A new study
finds the average wait for a medical appointment has increased by more than a week since 2004, to 8.6 days, USA Today
reports. In Boston, the worst-performing city of the 15 surveyed for the Merritt Hawkins and Associates study, patients waited nearly 50 days, on average, to see a doctor.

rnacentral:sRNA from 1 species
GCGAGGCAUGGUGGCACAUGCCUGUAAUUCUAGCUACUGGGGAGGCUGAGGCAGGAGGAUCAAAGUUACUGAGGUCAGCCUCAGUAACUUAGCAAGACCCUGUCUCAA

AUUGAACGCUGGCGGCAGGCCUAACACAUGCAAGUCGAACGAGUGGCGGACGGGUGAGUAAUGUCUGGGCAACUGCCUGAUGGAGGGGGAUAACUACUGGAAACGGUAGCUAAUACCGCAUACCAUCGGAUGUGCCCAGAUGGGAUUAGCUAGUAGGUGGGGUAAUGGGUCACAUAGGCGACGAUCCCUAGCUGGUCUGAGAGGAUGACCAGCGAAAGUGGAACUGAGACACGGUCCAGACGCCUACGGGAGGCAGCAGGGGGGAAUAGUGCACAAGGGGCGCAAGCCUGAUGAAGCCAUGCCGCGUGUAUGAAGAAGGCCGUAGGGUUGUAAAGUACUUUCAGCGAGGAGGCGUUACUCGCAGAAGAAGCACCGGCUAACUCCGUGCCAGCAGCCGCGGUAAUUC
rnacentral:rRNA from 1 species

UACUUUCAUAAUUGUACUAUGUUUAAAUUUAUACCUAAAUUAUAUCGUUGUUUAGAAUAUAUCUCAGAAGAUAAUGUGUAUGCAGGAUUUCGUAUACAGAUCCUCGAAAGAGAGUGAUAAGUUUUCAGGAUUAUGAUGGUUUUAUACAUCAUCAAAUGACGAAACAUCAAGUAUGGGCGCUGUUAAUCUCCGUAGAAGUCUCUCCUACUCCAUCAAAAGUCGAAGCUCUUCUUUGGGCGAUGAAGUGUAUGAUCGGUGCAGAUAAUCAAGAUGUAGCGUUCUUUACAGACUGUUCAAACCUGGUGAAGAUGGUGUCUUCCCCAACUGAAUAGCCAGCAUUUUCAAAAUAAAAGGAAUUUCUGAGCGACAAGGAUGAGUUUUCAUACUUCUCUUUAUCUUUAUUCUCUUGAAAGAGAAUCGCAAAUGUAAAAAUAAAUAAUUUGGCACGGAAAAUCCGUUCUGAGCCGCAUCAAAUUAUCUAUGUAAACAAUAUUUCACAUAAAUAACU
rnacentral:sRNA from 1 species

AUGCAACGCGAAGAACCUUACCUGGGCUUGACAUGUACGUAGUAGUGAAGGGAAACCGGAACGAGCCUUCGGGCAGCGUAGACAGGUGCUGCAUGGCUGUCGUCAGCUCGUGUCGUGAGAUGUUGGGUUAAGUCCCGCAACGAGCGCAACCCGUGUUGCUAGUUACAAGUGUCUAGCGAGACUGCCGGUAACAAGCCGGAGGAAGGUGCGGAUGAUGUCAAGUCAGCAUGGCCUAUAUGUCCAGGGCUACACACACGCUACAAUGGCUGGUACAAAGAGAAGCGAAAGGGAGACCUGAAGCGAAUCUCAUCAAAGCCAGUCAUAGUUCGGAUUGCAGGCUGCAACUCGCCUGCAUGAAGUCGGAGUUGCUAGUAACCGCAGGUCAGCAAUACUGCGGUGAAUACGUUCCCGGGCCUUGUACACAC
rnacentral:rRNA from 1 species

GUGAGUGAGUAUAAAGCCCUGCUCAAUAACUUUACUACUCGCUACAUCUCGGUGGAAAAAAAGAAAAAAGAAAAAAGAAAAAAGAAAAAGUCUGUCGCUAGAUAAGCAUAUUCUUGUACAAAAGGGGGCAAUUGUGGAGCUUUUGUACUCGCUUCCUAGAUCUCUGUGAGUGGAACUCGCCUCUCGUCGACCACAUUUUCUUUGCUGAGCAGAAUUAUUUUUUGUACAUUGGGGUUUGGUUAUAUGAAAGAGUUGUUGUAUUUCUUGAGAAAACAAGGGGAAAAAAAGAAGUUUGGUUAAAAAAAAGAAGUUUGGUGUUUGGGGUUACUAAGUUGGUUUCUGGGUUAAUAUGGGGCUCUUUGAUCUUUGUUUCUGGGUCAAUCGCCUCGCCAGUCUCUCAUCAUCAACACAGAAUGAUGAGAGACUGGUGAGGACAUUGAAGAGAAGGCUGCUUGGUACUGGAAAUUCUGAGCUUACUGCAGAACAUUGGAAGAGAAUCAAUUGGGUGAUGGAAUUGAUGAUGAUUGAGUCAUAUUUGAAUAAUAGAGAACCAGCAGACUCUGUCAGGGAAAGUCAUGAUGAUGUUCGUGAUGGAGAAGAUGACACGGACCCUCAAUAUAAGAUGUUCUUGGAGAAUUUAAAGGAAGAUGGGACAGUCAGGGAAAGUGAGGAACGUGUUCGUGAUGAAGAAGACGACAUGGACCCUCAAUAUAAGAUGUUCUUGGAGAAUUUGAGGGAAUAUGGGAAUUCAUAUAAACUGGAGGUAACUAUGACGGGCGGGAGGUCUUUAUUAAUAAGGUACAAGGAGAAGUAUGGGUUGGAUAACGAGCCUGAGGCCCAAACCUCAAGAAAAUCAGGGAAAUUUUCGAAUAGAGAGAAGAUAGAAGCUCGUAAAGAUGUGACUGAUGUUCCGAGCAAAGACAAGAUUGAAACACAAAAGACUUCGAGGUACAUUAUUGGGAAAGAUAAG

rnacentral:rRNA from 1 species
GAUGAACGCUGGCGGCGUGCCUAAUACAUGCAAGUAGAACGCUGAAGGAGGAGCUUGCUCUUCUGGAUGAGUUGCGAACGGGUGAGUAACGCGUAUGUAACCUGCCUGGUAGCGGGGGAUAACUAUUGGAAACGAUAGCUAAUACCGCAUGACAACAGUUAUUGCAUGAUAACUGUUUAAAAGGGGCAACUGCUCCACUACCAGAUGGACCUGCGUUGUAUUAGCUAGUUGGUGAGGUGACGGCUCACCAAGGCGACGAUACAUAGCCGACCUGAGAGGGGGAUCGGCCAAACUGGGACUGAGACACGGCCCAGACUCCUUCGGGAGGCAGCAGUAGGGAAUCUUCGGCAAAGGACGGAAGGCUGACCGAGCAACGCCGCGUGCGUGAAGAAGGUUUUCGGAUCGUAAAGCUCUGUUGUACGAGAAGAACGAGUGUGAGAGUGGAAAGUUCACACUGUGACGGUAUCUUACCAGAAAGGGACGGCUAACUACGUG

"We need to be training more physicians, particularly primary care physicians," a spokesman for the research group said. The conclusion that workforce shortages created the delays was shared by physician groups. Joseph Heyman, the chairman of the American Medical Association said, told the newspaper, "Our nation has a clear history of reducing health care program budgets through across-the-board cuts to health care professionals, and the impact on patients is reduced access to care" (Thompson, 6/4).